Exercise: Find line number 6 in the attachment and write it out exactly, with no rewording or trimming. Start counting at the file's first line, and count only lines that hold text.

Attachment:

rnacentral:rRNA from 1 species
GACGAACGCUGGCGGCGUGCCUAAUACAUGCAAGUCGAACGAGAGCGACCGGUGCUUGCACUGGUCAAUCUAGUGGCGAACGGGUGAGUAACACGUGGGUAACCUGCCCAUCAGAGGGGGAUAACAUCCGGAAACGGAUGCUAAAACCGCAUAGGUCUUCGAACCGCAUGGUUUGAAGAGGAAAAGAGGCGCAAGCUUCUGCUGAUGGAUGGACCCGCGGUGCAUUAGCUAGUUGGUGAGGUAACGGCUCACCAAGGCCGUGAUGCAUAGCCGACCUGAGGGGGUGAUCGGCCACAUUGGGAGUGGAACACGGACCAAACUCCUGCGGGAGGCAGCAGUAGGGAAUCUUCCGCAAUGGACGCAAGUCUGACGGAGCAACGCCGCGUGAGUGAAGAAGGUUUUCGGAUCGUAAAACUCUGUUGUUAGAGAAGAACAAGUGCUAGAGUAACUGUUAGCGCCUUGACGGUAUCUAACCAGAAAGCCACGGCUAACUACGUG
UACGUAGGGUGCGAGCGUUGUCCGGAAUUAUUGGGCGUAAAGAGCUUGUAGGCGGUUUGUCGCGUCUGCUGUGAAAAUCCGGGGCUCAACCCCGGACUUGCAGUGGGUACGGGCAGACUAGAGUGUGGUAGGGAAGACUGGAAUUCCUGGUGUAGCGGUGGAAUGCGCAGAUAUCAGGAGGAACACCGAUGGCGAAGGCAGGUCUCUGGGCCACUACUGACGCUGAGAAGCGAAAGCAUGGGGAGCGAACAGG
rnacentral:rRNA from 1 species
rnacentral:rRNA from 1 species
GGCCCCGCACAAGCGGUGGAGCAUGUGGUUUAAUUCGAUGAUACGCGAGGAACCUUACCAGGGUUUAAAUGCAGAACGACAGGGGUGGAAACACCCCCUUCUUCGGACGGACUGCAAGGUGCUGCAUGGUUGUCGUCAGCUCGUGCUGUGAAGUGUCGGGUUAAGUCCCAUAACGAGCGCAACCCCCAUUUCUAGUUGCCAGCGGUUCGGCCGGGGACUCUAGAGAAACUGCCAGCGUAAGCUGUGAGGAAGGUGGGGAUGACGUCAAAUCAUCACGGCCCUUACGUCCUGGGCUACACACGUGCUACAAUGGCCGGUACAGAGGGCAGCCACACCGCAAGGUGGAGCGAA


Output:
GGCCCCGCACAAGCGGUGGAGCAUGUGGUUUAAUUCGAUGAUACGCGAGGAACCUUACCAGGGUUUAAAUGCAGAACGACAGGGGUGGAAACACCCCCUUCUUCGGACGGACUGCAAGGUGCUGCAUGGUUGUCGUCAGCUCGUGCUGUGAAGUGUCGGGUUAAGUCCCAUAACGAGCGCAACCCCCAUUUCUAGUUGCCAGCGGUUCGGCCGGGGACUCUAGAGAAACUGCCAGCGUAAGCUGUGAGGAAGGUGGGGAUGACGUCAAAUCAUCACGGCCCUUACGUCCUGGGCUACACACGUGCUACAAUGGCCGGUACAGAGGGCAGCCACACCGCAAGGUGGAGCGAA